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EAN-130025192052729   EAN-13 barcode 0025192052729
UPC-A025192052729   UPC-A barcode 025192052729
Product NameBabe: Pig In The City
LanguageEnglish
CategoryElectronics / Photography: A/V Media
Short DescriptionDvd
Amazon.comA Buy on Amazon ~ 0783232292
Similar Items0025192001321: Babe
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3259190304598: Babe: Pig in the City
3259190368095: Babe
9780783285092: Babe (Widescreen Special Edition)
9780783217284: Babe
Created07-01-2006
Modified10-04-2017 5:06:11pm
MD5e36f50c3d83522c4be4cf3dcf34e4fb6
SHA25646c710ddaddead8133d01a95d6af8ad0aad3eff2abd72c76cde1af162873ebbf
Search Googleby EAN or by Title
Query Time0.0181260

Article of interest

This symbology was developed by the MSI Data Corporation and is based on the Plessey Code symbology. MSI is most often used in warehouses and inventory control.

This is a continuous non-self-checking symbology meaning it has no predetermined length and there is no validation built into the barcode itself. If you want to validate the data stored in the barcode, you would need to use a check digit. Mod 10 is the most common check digit used with MSI but you can also use mod 1010 or mod 1110. It is allowed but generally not a good idea to omit the check digit all together.

There is a start marker which is represented by three binary digits 110 (where 1 is black and 0 is white). There is also a stop marker which is represented by four binary digits 1001. The remaining markers represent the numeric digits 0-9 (no text or special characters) and each digit is represented by twelve binary digits. Below is a table that describes all of the possible markers. The start and stop markers are the main difference between MSI and Plessey. That and the fact that MSI only covers digits 0-9. You can read these stripes as a binary values where 110 is binary 1 and 100 is binary 0. The stop marker simply has an extra bit on the end.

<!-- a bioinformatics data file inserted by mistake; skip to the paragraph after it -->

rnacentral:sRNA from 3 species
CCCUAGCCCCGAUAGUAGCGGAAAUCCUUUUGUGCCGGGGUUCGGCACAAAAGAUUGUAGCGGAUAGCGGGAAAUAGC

Character Stripe Bits Binary Value
START 110 1
0 100100100100 0000
1 100100100110 0001
2 100100110100 0010
3 100100110110 0011
4 100110100100 0100
5 100110100110 0101
6 100110110100 0110
7 100110110110 0111
8  110100100100 1000
9  110100100110 1001
STOP 1001 0 + extra stripe

 To create a graphical barcode using this process, you can simply string together a series of 1 and 0 graphic images once you have calculated what your barcode should look like using the table shown above. You can view the source code of this page if you want to see how we created the example shown below.

Code [start]375[stop]
Bits: 110 100100110110 100110110110 100110100110 1001
Graphic:

This is just an example of one way to perform the graphic encoding. It is often easier to just draw the lines instead of tacking together individual images. If you would like to create free MSI barcodes, please visit our barcode generator page. You can save the images you make and use them as needed.

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